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Where to Stay in Paris

A guide to hotels and other accommodations in Paris, organized by neighborhood.

Where to Stay in Paris - Index of neighborhoods

Paris is a large city by European standards, with tourist attractions and museums that are scattered along the Left and Right Banks of the River Seine.

What's more, the city is served by three airports (one to the north, one to the south, one in the distant exurbs) and more than half a dozen major railroad stations.

This makes the question of "Where do I stay?" trickier than it might seem at first glance. To find the right answer, you need to consider factors such as:

Paris hotel photo

ABOVE: A hotel façade in Paris.

1. How long are you in Paris?

If you're in Paris for a week or two, "neighborhood appeal" may be the most important consideration in where to stay. But if--like many tourists--you're spending only three or four days in the city, a location that's easy to reach from your arrival or departure point (such as an airport or railroad station) may be equally important.

2. How much do you have to spend?

Hotels in rich, fashionable quartiers are likely to cost more (all other things being equal) than hotels in middle-class districts. Restaurants, cafés, and bars will also tend to be more expensive. If you're trying to control expenses, stay away from the kind of neighborhood featured in movies like Prêt-à-Porter (Ready to Wear), French Kiss, and Le Divorce.

 3. Do you like to walk?

Paris is a walkable city, and most of its leading museums, churches, and tourist attractions are within easy walking distance of the River Seine. For this reason, we urge you to stay in the inner arrondissements unless you have a good reason for going elsewhere (e..g. because you love the "village Paris" atmosphere of Montmartre or you have an early-morning Eurostar departure from the Gare du Nord).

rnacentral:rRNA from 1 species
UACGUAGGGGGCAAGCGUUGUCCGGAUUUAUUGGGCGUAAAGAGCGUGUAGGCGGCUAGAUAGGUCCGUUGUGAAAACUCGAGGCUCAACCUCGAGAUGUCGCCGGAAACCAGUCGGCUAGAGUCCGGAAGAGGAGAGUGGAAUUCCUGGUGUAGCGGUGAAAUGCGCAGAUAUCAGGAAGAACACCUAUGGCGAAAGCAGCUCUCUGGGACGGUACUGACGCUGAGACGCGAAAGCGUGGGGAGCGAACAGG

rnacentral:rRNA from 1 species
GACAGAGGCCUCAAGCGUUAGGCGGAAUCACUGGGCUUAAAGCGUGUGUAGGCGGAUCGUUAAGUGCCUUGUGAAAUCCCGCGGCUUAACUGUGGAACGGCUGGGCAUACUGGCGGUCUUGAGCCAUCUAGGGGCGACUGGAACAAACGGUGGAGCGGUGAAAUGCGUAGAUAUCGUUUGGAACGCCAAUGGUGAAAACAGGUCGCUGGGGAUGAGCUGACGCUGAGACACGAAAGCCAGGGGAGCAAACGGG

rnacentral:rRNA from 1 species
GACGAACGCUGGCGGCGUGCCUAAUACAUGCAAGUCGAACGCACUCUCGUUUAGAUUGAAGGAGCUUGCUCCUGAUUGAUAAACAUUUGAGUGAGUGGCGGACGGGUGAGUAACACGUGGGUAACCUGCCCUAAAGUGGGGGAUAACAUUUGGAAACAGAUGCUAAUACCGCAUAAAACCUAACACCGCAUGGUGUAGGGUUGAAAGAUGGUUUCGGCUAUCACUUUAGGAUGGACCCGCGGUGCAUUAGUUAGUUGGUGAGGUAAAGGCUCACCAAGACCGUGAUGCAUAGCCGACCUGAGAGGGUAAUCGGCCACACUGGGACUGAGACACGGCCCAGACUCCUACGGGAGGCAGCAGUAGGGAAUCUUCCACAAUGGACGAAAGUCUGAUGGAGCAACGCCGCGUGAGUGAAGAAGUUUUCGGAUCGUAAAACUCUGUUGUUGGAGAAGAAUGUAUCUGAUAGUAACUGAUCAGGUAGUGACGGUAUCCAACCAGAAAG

In the following pages, we'll offer advice and recommendations on two major topics:

  • Types of accommodation, such as hotels, apartments, and youth hostels.

  • Main tourist areas, with an emphasis on arrondissements  that are convenient to the leading sights.


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  • If you use third-party resources like TripAdvisor and VirtualTourist, we'd suggest that you read our warnings and tips about hotel review sites. "User reviews" can be helpful, but only when you can be sure that they're written by real travelers and not by hotels, their advertising and PR agencies, or their competitors. (Our hotel partner, Booking.com, has user reviews that are written by paying guests.)

For more information on where to sleep in Paris, go to the next page or use the navigation links below.

Next page: Types of accommodation

In this article:

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arrow  Romantic/honeymoon hotels

arrow  Design hotels

arrow  CDG airport hotels

arrow  All Paris hotels


Staying a few days or longer?
Live like a local and save:

arrow  Paris vacation apartments


Arriving and getting around:

(c) iStockphoto/Imre Cicajlo

Airport transfers and sightseeing:

arrow  Paris airport shuttles

arrow  Paris Pass

arrow  All Paris tours and activities

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Photo (c) iStockphoto.com/Arosoft

Need a car in Europe?

If you live outside the EU, a tax-free tourist car lease can be much cheaper than renting for visits of 21+ days--especially if you start or end your trip in France.

Minimum driver age is 18, there' s no upper age limit, and rates include insurance. To compare vehicles and rates, see:

arrow  Renault Eurodrive

For smartphone users: